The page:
Very common, prefers treefall areas inside primary forest, perched about 10 meters above the ground

Black-tailed Flycatcher Myiobius atricaudus
2 in dark forest at midstorey level

Smoke-colored Pewee Contopus fumigatus
2 near the station

Dusky-capped Flycatcher Myiarchus tuberculifer
4 or more, perhaps common

Boat-billed Flycatcher Megarhynchus pitangua
1 near the station

Social Flycatcher Myiozetetes similis
4 in the open areas around the station

Snowy-throated Kingbird Tyrannus niveigularis
1 on the way in

Tropical Kingbird Tyrannus melancholicus
common on the way in

Cinnamon Becard Pachyramphus cinnamomeus
4 (2 pairs) in mixed species flocks

One-colored Becard Pachyramphus homochrous
Seen in dark forest higher up in the trees.

Broad-billed Sapayoa Sapayoa aenigma
1 seen near the botanical gardens

Red-capped Manakin Pipra mentalis
1 seen inside the forest

Black-tipped Cotinga Carpodectes hopkei
1 in a high canopy tree growing in the gully. Active hunting insects

Purple-throated Fruitcrow Querula purpurata
A flock of 10+ birds eating palm fruit

Long-wattled Umbrellabird Cephalopterus penduliger
A flock of 5-6 birds flew into a tree not far from the river, 1 seen well near the botanical gardens, heard its booming call every morning, a female seen near the station the first day

Gray-breasted Martin Progne chalybea
A few flying around the station, seen when it is not foggy

Southern Rough-winged Swallow Stelgidopteryx ruficollis
4 on more open areas next to the station

Band-backed Wren Campylorhynchus zonatus
2 next to the station

Bay Wren Thryothorus nigricapillus
Very common

Southern House Wren Troglodytes musculus
2 next to the station

White-breasted Wood-Wren Henicorhina leucosticta
2 pairs in the forest

Southern Nightingale-Wren Microcerculus marginatus
1 on the ground in primary forest

Song Wren Cyporhinus phaeocephalus
1 in low understorey in primary forest

White-throated Thrush Turdus assimilis
One thrush, a dark version of this White throated Thrush (Dugua) seen in a mixed species flock in a large tree on the opposite side of the road from the station

Tawny-faced Gnatwren Microbates cinereiventris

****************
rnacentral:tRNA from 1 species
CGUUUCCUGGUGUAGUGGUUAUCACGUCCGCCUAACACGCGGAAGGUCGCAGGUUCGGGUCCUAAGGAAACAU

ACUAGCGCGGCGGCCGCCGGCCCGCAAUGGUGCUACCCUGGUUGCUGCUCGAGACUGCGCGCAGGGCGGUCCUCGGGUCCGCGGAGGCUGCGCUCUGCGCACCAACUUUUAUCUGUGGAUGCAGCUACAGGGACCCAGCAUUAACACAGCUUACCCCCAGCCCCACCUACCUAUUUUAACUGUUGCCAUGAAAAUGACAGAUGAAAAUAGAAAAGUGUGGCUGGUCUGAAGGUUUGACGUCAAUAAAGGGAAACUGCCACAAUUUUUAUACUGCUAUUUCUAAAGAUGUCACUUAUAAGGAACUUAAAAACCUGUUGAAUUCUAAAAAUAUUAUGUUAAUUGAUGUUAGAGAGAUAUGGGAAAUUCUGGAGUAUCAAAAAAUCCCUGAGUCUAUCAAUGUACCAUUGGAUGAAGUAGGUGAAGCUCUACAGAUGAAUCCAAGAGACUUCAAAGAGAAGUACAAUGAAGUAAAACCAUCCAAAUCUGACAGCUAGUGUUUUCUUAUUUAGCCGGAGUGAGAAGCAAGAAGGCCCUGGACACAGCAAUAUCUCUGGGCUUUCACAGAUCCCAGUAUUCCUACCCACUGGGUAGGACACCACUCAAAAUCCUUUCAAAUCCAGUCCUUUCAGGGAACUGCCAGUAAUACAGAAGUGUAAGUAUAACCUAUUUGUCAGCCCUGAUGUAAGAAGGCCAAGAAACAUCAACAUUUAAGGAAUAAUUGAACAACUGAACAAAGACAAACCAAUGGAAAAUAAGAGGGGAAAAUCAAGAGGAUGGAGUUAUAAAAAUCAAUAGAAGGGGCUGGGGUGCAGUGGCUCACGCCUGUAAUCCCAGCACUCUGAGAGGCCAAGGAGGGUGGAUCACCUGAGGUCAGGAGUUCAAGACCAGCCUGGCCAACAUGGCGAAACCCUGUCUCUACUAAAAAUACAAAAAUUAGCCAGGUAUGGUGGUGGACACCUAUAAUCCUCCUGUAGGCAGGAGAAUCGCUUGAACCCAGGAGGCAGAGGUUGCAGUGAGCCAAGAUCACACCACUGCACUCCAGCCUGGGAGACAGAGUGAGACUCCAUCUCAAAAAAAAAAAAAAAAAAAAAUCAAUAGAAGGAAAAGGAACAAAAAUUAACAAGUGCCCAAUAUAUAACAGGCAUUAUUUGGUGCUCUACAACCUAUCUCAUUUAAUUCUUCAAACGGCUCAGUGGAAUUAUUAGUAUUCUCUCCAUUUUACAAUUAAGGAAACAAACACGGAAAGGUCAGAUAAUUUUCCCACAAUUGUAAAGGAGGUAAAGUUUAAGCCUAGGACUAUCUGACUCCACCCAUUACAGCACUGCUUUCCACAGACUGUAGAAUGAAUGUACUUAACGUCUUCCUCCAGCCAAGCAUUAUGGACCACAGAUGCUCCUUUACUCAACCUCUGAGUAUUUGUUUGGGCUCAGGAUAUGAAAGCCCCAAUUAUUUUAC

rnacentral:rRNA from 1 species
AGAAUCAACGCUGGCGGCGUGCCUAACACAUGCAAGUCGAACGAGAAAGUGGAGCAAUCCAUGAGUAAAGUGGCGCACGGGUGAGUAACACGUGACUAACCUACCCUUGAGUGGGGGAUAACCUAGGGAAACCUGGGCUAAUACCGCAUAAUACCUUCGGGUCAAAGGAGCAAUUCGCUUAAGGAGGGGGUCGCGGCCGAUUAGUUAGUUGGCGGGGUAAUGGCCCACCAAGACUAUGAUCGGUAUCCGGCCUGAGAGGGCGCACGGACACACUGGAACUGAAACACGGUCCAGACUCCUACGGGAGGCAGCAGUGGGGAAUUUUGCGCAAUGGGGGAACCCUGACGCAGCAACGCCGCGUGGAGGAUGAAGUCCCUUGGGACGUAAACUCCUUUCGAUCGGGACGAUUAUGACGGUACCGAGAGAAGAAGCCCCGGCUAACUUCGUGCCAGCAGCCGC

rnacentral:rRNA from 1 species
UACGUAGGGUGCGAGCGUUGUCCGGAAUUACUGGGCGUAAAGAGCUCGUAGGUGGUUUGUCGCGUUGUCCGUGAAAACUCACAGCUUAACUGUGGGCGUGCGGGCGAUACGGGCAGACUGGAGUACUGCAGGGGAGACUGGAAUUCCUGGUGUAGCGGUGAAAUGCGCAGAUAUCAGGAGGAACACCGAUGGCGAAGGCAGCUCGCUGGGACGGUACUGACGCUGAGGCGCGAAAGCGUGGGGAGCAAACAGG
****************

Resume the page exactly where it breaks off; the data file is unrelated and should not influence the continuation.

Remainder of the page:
2 attending the antswarm near the botanical gardens

Variable Seedeater Sporophila corvina
several around the station

Dull-colored Grassquit Tiaris obscura
common along the roadside

Orange-billed Sparrow Arremon aurantiirostris
2 inside the forest

Buff-throated Saltator Saltator maximus
4 seen in secondary forest

Yellow-throated Bush-Tanager Chlorospingus flavigularis
Common in both secondary and primary forest

Dusky-faced Tanager Mitrospingus cassinii
Fairly common in primary forest, like vine tangles and thick foliage

White-shouldered Tanager Tachyphonus luctuosus
1 in the secondary forest

Blue-gray Tanager Thraupis episcopus
common around the station

Palm Tanager Thraupis palmarum
common in secondary growth

Orange-crowned Euphonia Euphonia saturata
2 in primary forest

Orange-bellied Euphonia Euphonia xanthogaster
6 or more, quite common in mixed species flocks

Emerald Tanager Tangara florida
1 in primary forest in a berry tree

Silver-throated Tanager Tangara icterocephala
Very common especially in secondary growth

Bay-headed Tanager Tangara gyrola
+50 or more, very common

Blue-necked Tanager Tangara cyanicollis
+10 in mixed species flocks

Green Honeycreeper Chlorophanes spiza
+5 common around the station

Purple Honeycreeper Cyanerpes caeruleus
2 in a flowering tree

Olive-crowned Yellowthroat Geothlypis semiflava
1 near the station

Choco Warbler Basileuterus chlorophrys
2 in secondary growth

Buff-rumped Warbler Basileuterus fulvicauda
8 along the river beds and near small waterfalls entering the river

Bananaquit Coereba flaveola
+15 or more, common in mixed species flocks

Lesser Greenlet Hylophilus decurtatus
4 in secondary growth

Chestnut-headed Oropendola Psarocolius wagleri
A flock of perhaps 15 birds were feeding on palm fruit not far from the station

Yellow-rumped Cacique Cacicus cela
A few around especially in secondary growth and in the canopy down in the gully

Scarlet-rumped Cacique Cacicus microrhyncus
4 inside the forest in middle to lower story in thick undergrowth


Berg, K.S. 1999. A field survey of avian diversity at the Bilsa Biological Station Province of Esmeraldas, Ecuador. Fundación Jatun Sacha & Endowment for World Parks, Quito.

Fundación Jatun Sacha. Bilsa Biological Station Eugenio De Satillan N34-248. Quito. Telephone in Quito 432246. E-Mail

Hilty S. L., Brown W.L., Tudor, G. 1986. A Guide to the Birds of Columbia. Princeton University Press, New Jersey.

Dinerstein, E.,  Olson, D. M. , Graham, D.J., Webster, A., Primm., L., Bookbinder, M.P., Ledec, G. , 1995. A conservation assessment of the terrestrial ecoregions of Latin America and the Caribbean. World Bank, Washington DC.

Stattersfield A. J., Crosby M.J., Long, A.J. Wedge, D.C. 1998. Endemic Bird Areas, Priorities for Biodiversity Conservation. Birdlife International, Cambridge UK.

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Niels Poul Dreyer